While US regulators weigh a potential ban of the app due to its ties with the Chinese Government, TikTok has today launched a new video series, in partnership with a group of platform influencers, which aims to help raise awareness of misinformation, scams and general inauthentic behavior online.
As explained by TikTok:
“The “Be informed” series addresses an important building block for an informed online experience: media literacy. Being media literate means having the ability to access, analyze, evaluate, create, and act using all forms of communication.“
As you can see in the above example, featuring Gabe Erwin, the videos look to help users understand what to look out for online, and include platform-specific notes on how to report issues.
Here’s another example, featuring Lee McCall.
The videos are created in TikTok’s creative style, which should help them see more reach while using popular creators will also help to amplify the key messages.
TikTok worked with various experts in creating the clips, including the National Association for Media Literacy Education (NAMLE).
“NAMLE is a network of educators, scholars, researchers, practitioners, media makers, and thought leaders in the field of media literacy. Like NAMLE, we believe that media literacy is crucial to enhancing the online experience for everyone.”
It’s a good initiative and a particularly important one for the platform’s younger user base. In fact, given the increasing reliance on the digital connection during the COVID-19 lockdowns, such education is more important than ever, and an argument can (and should) be made that digital literacy should now be on the national education curriculum in all regions.
Finland is actually leading the way on this, in 2014, the Finnish Government implemented a new education program – beginning from elementary school – which focuses on digital misinformation, and encourages critical thinking.
That effort has had an impact – in a 2018 study, Finland ranked first in resilience to digital misinformation and manipulation.
The case highlights the need for digital-specific education, which makes TikTok’s new initiative particularly relevant.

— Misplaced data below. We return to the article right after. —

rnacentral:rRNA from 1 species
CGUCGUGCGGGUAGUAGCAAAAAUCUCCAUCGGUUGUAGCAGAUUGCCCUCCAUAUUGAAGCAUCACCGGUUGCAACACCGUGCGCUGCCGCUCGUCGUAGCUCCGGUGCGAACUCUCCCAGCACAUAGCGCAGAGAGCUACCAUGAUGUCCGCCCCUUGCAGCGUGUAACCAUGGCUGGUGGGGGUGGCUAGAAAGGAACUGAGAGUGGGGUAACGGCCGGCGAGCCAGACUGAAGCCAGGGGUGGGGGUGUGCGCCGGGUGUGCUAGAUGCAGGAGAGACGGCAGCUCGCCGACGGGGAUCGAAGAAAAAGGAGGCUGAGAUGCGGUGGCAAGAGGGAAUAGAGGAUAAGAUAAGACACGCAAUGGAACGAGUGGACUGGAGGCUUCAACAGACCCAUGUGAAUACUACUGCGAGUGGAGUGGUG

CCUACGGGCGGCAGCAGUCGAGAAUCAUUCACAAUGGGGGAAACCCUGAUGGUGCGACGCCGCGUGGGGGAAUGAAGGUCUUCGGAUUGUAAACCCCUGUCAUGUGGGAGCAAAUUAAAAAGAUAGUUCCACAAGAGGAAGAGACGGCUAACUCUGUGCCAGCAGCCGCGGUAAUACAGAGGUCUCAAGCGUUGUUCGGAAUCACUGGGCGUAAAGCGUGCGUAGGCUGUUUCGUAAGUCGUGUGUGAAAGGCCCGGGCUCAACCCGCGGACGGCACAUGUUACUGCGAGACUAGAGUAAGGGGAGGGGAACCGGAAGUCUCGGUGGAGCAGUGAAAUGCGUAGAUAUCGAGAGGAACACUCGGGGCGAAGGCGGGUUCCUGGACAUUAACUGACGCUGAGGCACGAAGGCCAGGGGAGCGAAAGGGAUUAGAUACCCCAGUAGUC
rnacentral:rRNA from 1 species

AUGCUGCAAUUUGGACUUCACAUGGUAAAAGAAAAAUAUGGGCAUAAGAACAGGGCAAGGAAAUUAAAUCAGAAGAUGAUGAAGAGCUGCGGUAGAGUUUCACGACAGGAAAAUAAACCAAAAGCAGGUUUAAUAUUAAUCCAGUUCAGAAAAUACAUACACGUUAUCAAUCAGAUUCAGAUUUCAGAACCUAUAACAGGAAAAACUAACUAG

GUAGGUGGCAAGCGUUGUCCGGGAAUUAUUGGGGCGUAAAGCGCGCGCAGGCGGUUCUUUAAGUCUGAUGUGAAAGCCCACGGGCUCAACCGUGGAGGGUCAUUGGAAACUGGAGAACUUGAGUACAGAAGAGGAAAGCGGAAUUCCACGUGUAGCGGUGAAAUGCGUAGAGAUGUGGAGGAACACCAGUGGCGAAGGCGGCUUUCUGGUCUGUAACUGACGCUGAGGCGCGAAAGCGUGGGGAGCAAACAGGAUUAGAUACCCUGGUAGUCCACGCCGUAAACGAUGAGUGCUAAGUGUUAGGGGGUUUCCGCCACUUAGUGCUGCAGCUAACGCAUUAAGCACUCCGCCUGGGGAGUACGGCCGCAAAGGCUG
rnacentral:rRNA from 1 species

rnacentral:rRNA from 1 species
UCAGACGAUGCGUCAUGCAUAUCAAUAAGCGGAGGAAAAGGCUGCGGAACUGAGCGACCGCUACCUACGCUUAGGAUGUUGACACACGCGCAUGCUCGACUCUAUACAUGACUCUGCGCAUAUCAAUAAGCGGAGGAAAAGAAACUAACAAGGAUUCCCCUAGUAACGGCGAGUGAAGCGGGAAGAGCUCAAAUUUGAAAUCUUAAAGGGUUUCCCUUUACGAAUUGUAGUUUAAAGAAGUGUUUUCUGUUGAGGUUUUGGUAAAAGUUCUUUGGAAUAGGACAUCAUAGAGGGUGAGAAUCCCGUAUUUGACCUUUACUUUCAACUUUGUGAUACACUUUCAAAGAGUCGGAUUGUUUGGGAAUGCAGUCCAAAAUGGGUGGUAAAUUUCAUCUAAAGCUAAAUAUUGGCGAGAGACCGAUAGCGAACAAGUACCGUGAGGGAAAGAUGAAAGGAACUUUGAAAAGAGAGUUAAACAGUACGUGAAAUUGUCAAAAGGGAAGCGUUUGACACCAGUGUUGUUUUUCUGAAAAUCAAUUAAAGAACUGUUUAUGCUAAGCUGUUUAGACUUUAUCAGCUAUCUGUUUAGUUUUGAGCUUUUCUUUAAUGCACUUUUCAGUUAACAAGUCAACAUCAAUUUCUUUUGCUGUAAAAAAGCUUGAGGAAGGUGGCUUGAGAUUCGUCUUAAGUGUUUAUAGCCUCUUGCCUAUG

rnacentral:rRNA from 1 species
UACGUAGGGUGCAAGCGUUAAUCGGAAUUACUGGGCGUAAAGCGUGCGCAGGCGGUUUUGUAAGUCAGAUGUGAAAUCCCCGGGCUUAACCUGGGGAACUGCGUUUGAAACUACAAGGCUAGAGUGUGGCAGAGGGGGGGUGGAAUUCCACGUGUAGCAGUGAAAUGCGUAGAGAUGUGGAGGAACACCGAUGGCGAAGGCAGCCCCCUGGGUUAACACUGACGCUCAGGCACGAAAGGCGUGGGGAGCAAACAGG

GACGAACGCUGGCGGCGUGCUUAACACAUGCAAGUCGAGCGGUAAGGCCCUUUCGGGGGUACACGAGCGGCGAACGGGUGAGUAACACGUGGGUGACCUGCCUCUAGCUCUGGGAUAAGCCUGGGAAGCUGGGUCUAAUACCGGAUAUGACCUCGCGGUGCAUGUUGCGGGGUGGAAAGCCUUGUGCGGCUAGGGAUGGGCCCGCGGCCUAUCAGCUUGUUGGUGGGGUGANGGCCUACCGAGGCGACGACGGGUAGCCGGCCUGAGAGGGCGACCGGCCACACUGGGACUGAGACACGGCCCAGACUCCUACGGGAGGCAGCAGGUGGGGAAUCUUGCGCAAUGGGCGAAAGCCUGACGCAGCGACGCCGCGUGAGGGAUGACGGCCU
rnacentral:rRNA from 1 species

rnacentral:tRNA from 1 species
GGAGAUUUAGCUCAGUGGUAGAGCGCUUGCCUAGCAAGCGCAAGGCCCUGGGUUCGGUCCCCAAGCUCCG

But then, of course, there are other concerns around TikTok use, particularly in relation to how user data is being potentially accessed and used for alternate purposes by foreign authorities. We don’t know the extent of such data-sharing, nor even whether it’s even happening – but interestingly, another concern around TikTok use relates specifically to the very focus of this new education initiative.
As recently noted by tech analyst Ben Thompson, while the data access issue is significant, a bigger concern around TikTok use may actually be that the app could be used to spread pro-China propaganda.
As noted by Thompson:
“TikTok’s algorithm, unmoored from the constraints of your social network or professional content creators, is free to promote whatever videos it likes, without anyone knowing the difference. TikTok could promote a particular candidate or a particular issue in a particular geography, without anyone – except perhaps the candidate, now indebted to a Chinese company – knowing.”
That type of manipulation is the focus of this new education push, though more complex initiatives in this area, as Thompson notes, would be impossible to detect.
TikTok has already been heavily scrutinized over the belief that it has censored certain topics, like the discussion of Uighur Muslims in China, and the recent Hong Kong protests. We don’t know, exactly, whether those topics have been censored – and that, says Thompson, is a big concern, given the Chinese regime’s history of censorship and its links to the app’s ownership.
Such potential needs to be taken seriously, particularly given China’s renewed action to expand its borders, and the ongoing tensions with the US.
Will that lead to a ban on the app in western nations? It seems possible, though it also seems like it will take another significant event to trigger such a response, marking the full degradation of international relations with the nation.
That doesn’t lessen the potential benefits of this new education program, of course, but it is relevant in the wider scope of the app, and the surrounding discussion. Definitely, these tips are valuable – but it’s also worth parents noting the ongoing concerns around TikTok use, and how that also relates to digital manipulation efforts.